I don’t like that the majority of my belongings, my few pieces of furniture, my comforting photographs, my old books of recovery I’ve read over & over for 27 years, sentimental knickknacks and all my clothes except for the suitcase I packed in my haste, are all in storage somewhere, I do not know where, but in Northern California somewhere, while I find myself suddenly living in my refuge, my safe haven, in my father’s guest room in Tucson Arizona. Along with my cat and my father’s 12 year old cat.

Now is the time.  Now is the time that I have been given. The opportunity to find out just what I am made of.  How deep does my courage run?  How strong is my faith?  Will my love and belief carry me though this time?  Am I steadfast and true as I allow God to continue to lead my way?  I continue to demand that my voice be heard. My vision is still as blurry as the morning my tear drop landed on the inside of my glasses as I leaned to hug & kiss my father goodbye…

I become mindful of my father’s words to me when I was a young teenager.  We were back packing  the switch backs up a particularly steep mountain in the High Sierras. I was looking up and feeling defeated as I was taken in by the gigantic mountain that was still in front of me.  It was looking down on me, daring me to come closer.  I did not like not knowing how much further I had to push myself before my father set up camp for the night. Exhausted I stopped and reached for my canteen that my father had hooked on my belt for me hours earlier.  Being acutely aware, my father gently held my shoulders and said, “Turn around Julie, and see how far you’ve come.” As I turned, with my father’s hand guiding me, I looked down behind me at the path we had just climbed.  I was overwhelmed by the dense beauty of the vast Sierra. The view before me was breathtaking and magnificent.  And it felt good.  I had done good and my father was able to prove it to me… Today I can turn around again, and see just how far I’ve come from LA.  It was not in my best interest to remain in my home – because home is where the heart is. No heart to be found there. I do not need to double check this lesson from long ago. This stage of this journey of mine remains in God’s hands.  And His plan is too brilliant for me to see right now. I look forward to that day when I will once more “turn around and see how far I’ve come”.

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IMG04047-20131228 Tucson fireplaceAnother late night as it reluctantly creeps towards a dark early morning. I can not sleep. I can not seem to breathe. My loss of appetite is bothersome. My entire body thumps with each beat of my weary heart.

I am well aware that I am not the first to walk in the wake of a loved one fighting to live. Cancer has only one destination in its horrific plan. However, my father has a much different plan. A clever plan. A plan so clever that all of us who are around him seem to be baffled as they watch him walk with out the aid of a wheelchair or a walker. And they watch him gain weight while he can only have nutrition through a tube that protrudes from his belly.  This feeding tube is due to the damage of the radiation – not the damage from the throat cancer. Even with the confusion my father lives with now – my phone rings in the middle of the night and he tells me with his painful sounding voice – before any of the caregivers bother to tell me when I call during the day – that “something is wrong“.  (By the way, I have found even better medical care for Dad!)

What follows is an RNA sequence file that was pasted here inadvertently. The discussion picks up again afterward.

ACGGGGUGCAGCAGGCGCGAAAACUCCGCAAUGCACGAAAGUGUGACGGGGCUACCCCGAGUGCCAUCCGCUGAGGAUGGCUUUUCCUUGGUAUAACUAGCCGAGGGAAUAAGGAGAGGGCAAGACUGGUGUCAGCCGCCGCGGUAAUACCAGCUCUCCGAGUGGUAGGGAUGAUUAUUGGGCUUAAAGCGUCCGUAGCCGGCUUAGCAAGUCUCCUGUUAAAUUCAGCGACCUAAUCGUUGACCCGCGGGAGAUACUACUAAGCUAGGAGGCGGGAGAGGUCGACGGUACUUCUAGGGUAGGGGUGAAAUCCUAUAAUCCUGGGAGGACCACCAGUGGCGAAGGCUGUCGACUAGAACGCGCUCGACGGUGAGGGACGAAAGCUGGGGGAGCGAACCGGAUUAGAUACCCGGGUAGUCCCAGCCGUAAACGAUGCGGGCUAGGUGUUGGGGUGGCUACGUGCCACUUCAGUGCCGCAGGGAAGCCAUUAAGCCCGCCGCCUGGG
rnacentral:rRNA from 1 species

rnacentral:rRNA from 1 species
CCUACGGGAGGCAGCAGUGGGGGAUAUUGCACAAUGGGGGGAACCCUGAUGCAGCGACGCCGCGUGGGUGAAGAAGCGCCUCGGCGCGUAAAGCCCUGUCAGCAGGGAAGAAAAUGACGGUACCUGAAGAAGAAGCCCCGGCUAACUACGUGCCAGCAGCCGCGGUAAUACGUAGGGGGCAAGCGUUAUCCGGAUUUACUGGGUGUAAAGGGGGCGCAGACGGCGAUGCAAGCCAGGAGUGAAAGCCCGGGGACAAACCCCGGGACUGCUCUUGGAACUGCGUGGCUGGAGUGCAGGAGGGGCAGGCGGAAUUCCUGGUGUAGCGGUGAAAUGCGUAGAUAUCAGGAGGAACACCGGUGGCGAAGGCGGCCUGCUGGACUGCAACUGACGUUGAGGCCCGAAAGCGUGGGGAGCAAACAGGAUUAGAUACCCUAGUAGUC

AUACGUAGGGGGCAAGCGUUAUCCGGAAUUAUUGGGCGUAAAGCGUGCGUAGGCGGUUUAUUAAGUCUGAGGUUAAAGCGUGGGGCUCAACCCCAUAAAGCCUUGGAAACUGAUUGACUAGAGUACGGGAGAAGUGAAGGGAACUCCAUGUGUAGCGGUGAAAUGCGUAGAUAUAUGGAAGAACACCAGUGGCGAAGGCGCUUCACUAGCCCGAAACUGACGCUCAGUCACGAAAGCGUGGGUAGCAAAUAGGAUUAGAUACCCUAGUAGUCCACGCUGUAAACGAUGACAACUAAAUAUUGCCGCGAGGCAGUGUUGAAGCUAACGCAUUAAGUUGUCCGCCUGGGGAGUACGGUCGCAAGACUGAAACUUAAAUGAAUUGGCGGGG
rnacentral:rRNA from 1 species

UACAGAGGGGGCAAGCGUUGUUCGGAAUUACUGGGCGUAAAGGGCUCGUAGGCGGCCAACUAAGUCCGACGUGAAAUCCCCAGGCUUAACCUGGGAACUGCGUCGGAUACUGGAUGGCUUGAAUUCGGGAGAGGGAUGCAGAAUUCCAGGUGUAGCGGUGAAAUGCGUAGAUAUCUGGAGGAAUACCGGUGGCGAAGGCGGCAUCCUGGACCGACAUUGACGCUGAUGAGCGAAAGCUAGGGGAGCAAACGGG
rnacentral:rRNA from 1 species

If these remarkable things have occurred, then why my bottomless sadness?  Why the isolation? Why the sleep deprivation? Why the private meltdowns…?

Because my father’s soul is changing. His larger than life personality is changing.

Once again it is all about the choices we have to make in life and then learning to live with and accept our choices.  And today – today was the day I saw the true reality that he is indeed beating the throat cancer, but the radiation and chemo treatments seemed to have relentlessly beaten him into becoming another person that resides inside his skinny body.  Quietly I hope this is temporary. It must be temporary.

While I was sitting with my father and holding his hand today, without warning, another piece of my heart broke away and crashed on the floor as if it was an ice glacier slipping into the Antarctic Ocean.

I have never admired my father so much – nor has he ever taught me such an important lesson in life.

As much as I long to sit and spend sweet time with the love of my life who lives in California – I will remain in Tucson to fight for my father so he can be as comfortable as possible for as long as he chooses – because this is the right thing to do.  And because of all of this, I am full of gratitude and I see and feel that God is with us at all times.

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I’ve been staying in Tucson longer than I originally anticipated. 9 weeks ago I arrived with endless hope and energy.  As today comes to a close I feel the weight of endless sadness – reckless sleeping has pushed down my weary shoulders and clouded my eyesight. I am amazed at the amount of tears that continue to fall many times a day.  I duck into an empty bathroom or I sit in my car, or suddenly I can not hold myself up as I am standing alone washing the dishes in my father’s empty home.